ALR Student’s Corner: Modern Scientific Evidence and Its Role in Law


modernscientificevidence


Introduction

The first time the United States Supreme Court integrated a “sophisticated understanding of science into legal decision-making” was in the landmark decision of Daubert v. Merrel Dow Pharmaceuticals, Inc.[1]. “The Daubert Court held that under the Federal Rules of Evidence trial court judges must act as ‘gatekeepers,’ and evaluate the validity of the basis for proffered scientific expertise before permitting the expert to testify.”[2] The Court in Daubert did not require lawyers and judges to be trained as scientists; the Court did, however, “demand a fair degree of scientific sophistication.”[3] It was this demand from the United States Supreme Court that paved the way for the treatise, Modern Scientific Evidence: The Law and Science of Expert Testimony.

Location in CSL Library

First, you must locate the treatise’s specific call number, KF8961.M63v.1. This can be found through the CSL library catalog. Next, you must navigate to the “Treatises” section in the northwest corner of the school library. Proceed to the “Evidence” and “Criminal Law” shelf and, four rows up from the bottom, you will find the five volumes of Modern Scientific Evidence.

Contents of Modern Scientific Evidence

The treatise is contained in five volumes that were initially printed in 1997. The most recent addition is from 2012-2013. These volumes contain a Summary of Contents, a Table of Contents, a Glossary of Terms, a Table of Laws and Rules, a Table of Cases, and an Index. The text challenges the use of “generally accepted” scientific ideas when ruling on admissibility or managing expert witnesses in state and federal courts, and prepares trial attorneys to explain scientific concepts during admissibility arguments and to confidently elicit or challenge expert testimony during trial.[4] The 2012-2013 Edition updates thirty-five chapters with new developments, commentary, authorities and insights from all six of the treatise’s authors, as well as numerous other expert scientists.[5] In particular, Chapters 31 (DNA Typing) and 33 (Fingerprint Identification), prepared under the direction of Erin Murphy and Jennifer Mnookin, respectively, have been extensively revised to reflect current developments and views on their subjects. Other chapters with significant updates include: 1 (Admissibility of Scientific Evidence), 9 (Insanity and Diminished Capacity), 11 (Sexual Aggressors), 23 (Epidemiology), 39 (Fires, Arsons, and Explosions), 41 (Alcohol Testing), 42 (Drug Testing), 43 (Structural Engineering), and 45 (Economic Damages).[6]

Research Exercise

To practice using Modern Scientific Evidence as a secondary source, imagine you have been asked by your boss (a general practice attorney) to assist her with determining causation in a toxic-tort case. She tells you the opposing counsel is utilizing “junk science” and she wants you to draft a “Daubert motion” to exclude certain statistical studies. To start your research, you would most likely turn to the index of Modern Scientific Evidence. There you will look up Toxic Tort Cases and the treatise will direct you to look under Epidemiology. While the sub-headings under Epidemiology will give you a good basis for understanding toxic torts, you will notice a specific sub-heading for Daubert factors under section 23:17. Switching over to Volume 3 of Modern Scientific Evidence, the Daubert factors will provide information on scientific admissibility under the Federal Rules of Evidence Rule 702. However, these four factors will not provide enough background to draft a Daubert motion.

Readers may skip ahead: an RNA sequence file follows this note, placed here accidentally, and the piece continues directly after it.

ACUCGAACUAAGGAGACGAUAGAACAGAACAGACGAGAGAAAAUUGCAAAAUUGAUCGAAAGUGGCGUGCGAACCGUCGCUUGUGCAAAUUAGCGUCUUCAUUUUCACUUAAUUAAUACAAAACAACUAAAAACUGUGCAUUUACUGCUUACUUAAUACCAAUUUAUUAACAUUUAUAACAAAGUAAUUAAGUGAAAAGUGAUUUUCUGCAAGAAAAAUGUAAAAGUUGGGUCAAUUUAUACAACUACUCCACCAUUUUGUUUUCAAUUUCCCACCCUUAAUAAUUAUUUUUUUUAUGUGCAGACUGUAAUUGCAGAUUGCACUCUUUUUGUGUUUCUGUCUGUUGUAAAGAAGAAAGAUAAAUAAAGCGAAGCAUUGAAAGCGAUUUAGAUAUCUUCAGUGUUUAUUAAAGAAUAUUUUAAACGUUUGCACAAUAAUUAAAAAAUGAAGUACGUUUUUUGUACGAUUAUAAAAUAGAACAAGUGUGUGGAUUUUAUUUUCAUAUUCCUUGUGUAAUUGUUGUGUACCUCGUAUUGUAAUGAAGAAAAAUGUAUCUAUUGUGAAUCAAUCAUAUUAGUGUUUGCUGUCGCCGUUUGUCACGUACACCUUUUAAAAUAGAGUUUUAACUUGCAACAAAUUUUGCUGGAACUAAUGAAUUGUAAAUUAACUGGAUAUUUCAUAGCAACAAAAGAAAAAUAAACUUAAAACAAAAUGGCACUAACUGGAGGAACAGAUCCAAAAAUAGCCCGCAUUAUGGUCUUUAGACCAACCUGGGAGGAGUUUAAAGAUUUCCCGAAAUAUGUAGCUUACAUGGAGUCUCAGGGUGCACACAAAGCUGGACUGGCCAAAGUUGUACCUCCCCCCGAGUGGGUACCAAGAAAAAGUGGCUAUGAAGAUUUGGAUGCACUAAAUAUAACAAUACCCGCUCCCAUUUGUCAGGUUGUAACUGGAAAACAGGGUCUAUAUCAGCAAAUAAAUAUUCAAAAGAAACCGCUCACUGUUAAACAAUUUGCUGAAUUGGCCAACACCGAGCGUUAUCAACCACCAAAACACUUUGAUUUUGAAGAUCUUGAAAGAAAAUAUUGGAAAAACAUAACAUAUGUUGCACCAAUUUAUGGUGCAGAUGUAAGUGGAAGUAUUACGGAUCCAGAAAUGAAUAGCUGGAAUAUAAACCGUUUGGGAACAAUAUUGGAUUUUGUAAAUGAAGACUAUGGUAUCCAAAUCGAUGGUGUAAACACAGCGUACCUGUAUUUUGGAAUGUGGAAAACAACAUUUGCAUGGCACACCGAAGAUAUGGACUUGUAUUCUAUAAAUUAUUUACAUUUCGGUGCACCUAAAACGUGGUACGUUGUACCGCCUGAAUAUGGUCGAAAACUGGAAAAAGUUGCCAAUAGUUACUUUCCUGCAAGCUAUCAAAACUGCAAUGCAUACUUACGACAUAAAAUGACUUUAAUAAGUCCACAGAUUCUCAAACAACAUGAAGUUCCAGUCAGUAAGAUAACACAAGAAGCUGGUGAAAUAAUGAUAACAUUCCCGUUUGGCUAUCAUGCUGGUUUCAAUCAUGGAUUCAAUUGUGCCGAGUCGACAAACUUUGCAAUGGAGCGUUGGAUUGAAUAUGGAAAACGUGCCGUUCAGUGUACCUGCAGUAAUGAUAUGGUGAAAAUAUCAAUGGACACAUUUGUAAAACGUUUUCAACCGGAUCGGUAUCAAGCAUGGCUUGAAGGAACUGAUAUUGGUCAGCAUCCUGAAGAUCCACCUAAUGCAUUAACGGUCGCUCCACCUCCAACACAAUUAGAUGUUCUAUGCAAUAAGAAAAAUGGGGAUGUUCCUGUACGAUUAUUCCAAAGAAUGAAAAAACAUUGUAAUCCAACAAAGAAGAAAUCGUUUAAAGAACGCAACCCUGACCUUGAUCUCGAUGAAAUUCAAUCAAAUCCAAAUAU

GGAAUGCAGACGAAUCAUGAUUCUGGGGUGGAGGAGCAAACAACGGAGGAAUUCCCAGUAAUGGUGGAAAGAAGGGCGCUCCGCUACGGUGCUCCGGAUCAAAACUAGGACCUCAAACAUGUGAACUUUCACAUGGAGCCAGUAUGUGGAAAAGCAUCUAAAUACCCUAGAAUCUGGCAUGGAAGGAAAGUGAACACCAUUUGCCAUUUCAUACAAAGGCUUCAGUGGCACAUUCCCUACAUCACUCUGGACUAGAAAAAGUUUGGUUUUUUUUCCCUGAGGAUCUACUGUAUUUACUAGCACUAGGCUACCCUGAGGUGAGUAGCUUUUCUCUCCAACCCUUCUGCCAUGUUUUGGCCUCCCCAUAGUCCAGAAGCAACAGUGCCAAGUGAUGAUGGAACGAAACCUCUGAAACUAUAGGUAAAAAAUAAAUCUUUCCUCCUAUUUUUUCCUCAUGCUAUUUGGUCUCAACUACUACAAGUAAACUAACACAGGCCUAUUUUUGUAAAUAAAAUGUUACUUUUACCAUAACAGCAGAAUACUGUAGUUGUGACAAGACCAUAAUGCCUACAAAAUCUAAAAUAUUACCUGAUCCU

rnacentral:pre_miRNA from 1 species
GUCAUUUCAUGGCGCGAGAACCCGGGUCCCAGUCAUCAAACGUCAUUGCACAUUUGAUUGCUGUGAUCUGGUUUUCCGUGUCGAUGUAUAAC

Looking now to the table of contents, you will notice Chapter Six is titled “Statistical Proof” and discusses the legal issues of the admissibility and weight of statistical studies. Here you will find ample Supreme Court references and requirements that form the basis of statistical studies and the evolution of their admissibility in court. Through a combination of the analysis of the text and some further research involving the cases mentioned in the text, now you have the tools necessary to draft a Daubert motion. Congratulations, your boss will be pleased with your research skills and the money you saved her by utilizing a free print treatise available to you in the CSL Law Library.

Conclusion

Modern Scientific Evidence is a great secondary resource, not only because it is free to library users but also because the future is fast approaching and scientific evidence will play larger and larger roles in all aspects of the law as technology continues to improve. Updated analysis can be found throughout the copy of the 2012-2013 Edition. Updates for 2013 can also be found on both Westlaw (Database Identifier: MODSCIEVID) and WestlawNext.

~Jeff Poulsen, Class of 2013~

Class Advisor – Cory M. Lenz, Esq.


[1] 509 U.S. 579 (1993).

[2] Modern Scientific Evidence: Statistics and Research Methods; Faigman, David. Volume 1, pp. vii (2013).

[3] 509 U.S. 579 (1993).

[5] Id.

[6] Id.

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